Protections (Legal Information for Indigenous People)
Aboriginal rights are unique legal rights held only by Indigenous peoples. They are protected by section 35 of the Constitution, the highest law of Canada. Aboriginal rights protect activities and practices that are important to the distinctive cultures of Indigenous peoples - for e.g. fishing, hunting and Indigenous spiritual practices. Aboriginal rights are held by Indigenous communities and exercised by members of those communities.
Indigenous people may rely on an Aboriginal right as a defense to charges of illegal fishing or hunting. If you have been charged, it is best to talk to a lawyer. Key issues include: were you exercising the right in your community’s territory? Is the right an historic practice that is important to your community? Did the government interfere in how you can exercise the right? If yes, you may have a defense.
Aboriginal rights can be limited - or “infringed” - by governments. However, governments have to prove an infringement is legally justified. This involves asking: was the aboriginal right given priority over other users? Is the infringement as minimal as possible? Did the government consult with the Indigenous rights holders? If yes, the government’s law may still be legally valid even though it infringes an Aboriginal right.
Treaty rights are Aboriginal rights that have been written down and defined in a treaty. They are also constitutionally protected and can be used as a legal defense.
Hunting and fishing
Indigenous people have rights to fish, hunt, trap and gather for sustenance and for ceremony within their traditional territories.
- You do not need to obtain license or a permit.
- While harvesting, carry your Status card to support this right and firearms license (P.A.L.) if using a gun.
- For commercial fishing, you need to obtain a commercial fishing license from the Department of Fisheries and Oceans.
Indigenous harvesters may be subject to Provincial public health, safety and conservation regulations.
If Non-Status or Métis, carry proof of citizenship or membership in a Nation, or Métis harvester card and a letter of permission from the First Nation (if you’re harvesting in a First Nation’s territory).
Charged with a harvesting offence?
You may have a defence based on your Indigenous rights. Speak to a lawyer to decide your best course of action.
If you cannot afford a lawyer:
- Legal Aid BC: Indigenous Harvesting rights cases may be covered (see Legal Aid BC Lawyers)
- Indigenous Community Legal Clinic: 1-888-684-7874
- A Legal Advocate may be able to help access legal advice and representation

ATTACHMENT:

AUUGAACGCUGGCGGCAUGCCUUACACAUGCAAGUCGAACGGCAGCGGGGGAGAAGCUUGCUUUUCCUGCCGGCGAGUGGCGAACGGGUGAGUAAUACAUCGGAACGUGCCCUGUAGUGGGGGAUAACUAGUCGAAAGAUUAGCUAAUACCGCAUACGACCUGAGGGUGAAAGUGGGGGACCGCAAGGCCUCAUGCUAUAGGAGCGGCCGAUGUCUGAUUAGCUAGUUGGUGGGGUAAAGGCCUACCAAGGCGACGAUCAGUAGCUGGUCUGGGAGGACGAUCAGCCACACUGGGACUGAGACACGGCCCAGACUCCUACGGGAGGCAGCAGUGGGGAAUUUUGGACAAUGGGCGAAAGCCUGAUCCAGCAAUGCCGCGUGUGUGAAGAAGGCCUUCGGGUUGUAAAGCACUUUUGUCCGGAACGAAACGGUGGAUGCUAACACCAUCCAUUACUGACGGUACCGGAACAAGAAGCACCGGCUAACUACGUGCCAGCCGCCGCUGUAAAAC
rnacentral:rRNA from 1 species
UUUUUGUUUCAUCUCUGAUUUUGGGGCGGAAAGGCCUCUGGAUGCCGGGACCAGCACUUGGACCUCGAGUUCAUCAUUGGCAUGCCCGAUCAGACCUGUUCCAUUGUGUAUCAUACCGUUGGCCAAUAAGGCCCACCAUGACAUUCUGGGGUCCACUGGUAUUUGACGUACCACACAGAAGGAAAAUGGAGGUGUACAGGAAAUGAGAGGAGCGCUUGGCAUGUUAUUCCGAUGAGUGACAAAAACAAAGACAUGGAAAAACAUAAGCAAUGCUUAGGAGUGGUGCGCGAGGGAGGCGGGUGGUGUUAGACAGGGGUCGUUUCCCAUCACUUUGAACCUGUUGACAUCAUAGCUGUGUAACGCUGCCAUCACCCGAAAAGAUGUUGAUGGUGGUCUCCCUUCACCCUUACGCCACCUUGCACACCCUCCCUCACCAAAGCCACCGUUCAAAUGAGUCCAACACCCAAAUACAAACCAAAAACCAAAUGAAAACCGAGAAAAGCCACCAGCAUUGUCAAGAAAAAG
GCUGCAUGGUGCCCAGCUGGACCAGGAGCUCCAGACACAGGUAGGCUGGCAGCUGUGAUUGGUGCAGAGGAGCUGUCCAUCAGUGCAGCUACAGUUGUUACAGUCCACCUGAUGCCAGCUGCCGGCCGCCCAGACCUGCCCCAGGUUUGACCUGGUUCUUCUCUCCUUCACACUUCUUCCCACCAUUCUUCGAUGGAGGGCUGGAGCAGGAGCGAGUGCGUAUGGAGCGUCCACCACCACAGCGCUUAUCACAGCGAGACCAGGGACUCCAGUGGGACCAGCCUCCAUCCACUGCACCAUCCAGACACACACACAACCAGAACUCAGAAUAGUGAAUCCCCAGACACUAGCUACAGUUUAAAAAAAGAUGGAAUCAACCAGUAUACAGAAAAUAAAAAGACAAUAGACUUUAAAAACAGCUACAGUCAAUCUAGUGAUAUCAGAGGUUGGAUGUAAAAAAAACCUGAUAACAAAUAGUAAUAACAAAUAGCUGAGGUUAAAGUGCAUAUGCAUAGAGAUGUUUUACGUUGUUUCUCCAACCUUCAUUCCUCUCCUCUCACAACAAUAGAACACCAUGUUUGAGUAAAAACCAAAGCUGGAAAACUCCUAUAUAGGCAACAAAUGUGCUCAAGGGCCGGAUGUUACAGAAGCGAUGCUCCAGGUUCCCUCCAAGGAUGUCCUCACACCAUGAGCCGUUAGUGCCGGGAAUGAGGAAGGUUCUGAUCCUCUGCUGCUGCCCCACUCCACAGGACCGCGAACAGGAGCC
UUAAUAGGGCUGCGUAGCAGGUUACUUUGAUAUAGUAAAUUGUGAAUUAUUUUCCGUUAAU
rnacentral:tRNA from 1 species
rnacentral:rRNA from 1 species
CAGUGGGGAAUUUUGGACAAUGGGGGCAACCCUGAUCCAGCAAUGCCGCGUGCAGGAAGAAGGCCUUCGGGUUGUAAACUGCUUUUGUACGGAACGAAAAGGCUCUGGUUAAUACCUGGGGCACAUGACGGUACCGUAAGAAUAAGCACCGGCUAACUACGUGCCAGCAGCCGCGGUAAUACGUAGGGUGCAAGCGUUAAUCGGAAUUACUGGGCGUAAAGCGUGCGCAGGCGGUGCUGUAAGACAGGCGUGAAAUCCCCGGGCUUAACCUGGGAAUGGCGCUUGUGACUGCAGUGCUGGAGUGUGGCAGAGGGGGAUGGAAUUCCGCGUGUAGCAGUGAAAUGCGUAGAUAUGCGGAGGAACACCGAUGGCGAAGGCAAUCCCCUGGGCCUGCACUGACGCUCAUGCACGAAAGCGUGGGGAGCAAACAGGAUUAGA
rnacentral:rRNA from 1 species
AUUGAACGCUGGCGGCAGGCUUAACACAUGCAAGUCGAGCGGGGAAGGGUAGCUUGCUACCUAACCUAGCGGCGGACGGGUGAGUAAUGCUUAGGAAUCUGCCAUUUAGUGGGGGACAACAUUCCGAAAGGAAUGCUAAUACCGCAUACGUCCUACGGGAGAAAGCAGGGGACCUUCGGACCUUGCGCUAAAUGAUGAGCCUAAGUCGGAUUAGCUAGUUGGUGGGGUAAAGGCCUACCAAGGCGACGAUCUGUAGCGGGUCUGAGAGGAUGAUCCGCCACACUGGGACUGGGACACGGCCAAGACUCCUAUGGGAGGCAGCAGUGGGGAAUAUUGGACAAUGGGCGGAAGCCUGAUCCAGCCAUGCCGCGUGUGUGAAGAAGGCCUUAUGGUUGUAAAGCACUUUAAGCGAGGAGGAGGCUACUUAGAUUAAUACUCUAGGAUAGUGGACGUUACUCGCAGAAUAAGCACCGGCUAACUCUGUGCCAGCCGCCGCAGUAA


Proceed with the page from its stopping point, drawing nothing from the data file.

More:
- Your community may be able join your defense and/or help pay for a lawyer if you do not qualify for Legal Aid
Human rights are protected in BC by the BC Human Rights Code. The Code prohibits discrimination based on Indigenous identity, race, colour, ancestry, place of origin, religion, marital status, family status, physical or mental disability, sex, sexual orientation, gender identity or expression, or age.
Discrimination means being treated badly because you have one or more of those characteristics. The Code protects against discrimination in five main areas of daily life: work, housing, public services, membership in unions or associations and publications.
If you feel you have been discriminated against in one of those areas, you can make a complaint to the BC Human Rights Tribunal. The Tribunal is a special kind of court focused only on human rights issues. It can decide if discrimination has occurred, and order the party that is responsible for the discrimination to pay for any damage or harm they have caused.
Filing a complaint to the Human Rights Tribunal will take some time. It will involve providing evidence (witnesses, documents) to support the claim, and participating in a hearing where evidence is presented and questions can be asked about the evidence. The Tribunal will make a decision at the end of the hearing.
The Human Rights Tribunal has a website with very helpful information: www.bchrt.bc.ca
“While the BC Human Rights Code can’t address all the inequity and injustices faced by Indigenous people, it can be used to hold people and institutions accountable for discrimination.” – "Our Human Rights," BC Aboriginal Association of Friendship Centers and Community Legal Assistance Society"
The addition of Indigenous identity as a ground of discrimination differs from Aboriginal Rights as protected under s. 35 of the Constitution Act, 1982. Section 35 creates the opportunity to establish rights specific to an Indigenous community’s traditional practices (hunting, fishing etc.). Human rights are broader rights and something everyone has (like the right to discrimination free housing and health care). Indigenous identity as a ground of discrimination means you can bring a human rights claim on the basis of differential treatment due to your Indigenous identity.
BC Human Rights Tribunal
If you are Indigenous, you can self-identify as Indigenous on the complaint form and ask the Tribunal to contact you. The Tribunal will call to discuss:
- the process and process options,
- Indigenous protocols, such as an elder or smudge
- Indigenous ways to deal with the complaint.
The Tribunal has mediators who can help the parties agree about how to solve the complaint. Mediation is voluntary. An Indigenous party can tell the Tribunal that they want:
- a traditional ceremony before or after the mediation, such as a smudge, prayer, or song
- an Indigenous mediator
- an Indigenous dispute resolution approach
BC Human Rights Clinic
The BC Human Rights Clinic, part of the Community Legal Assistance Society (CLAS), provides free legal help with human rights complaints.
For more info or to book an appointment visit:
- www.bchrc.net, or
- call: 604-622-1100; Toll free: 1-855-685-6222
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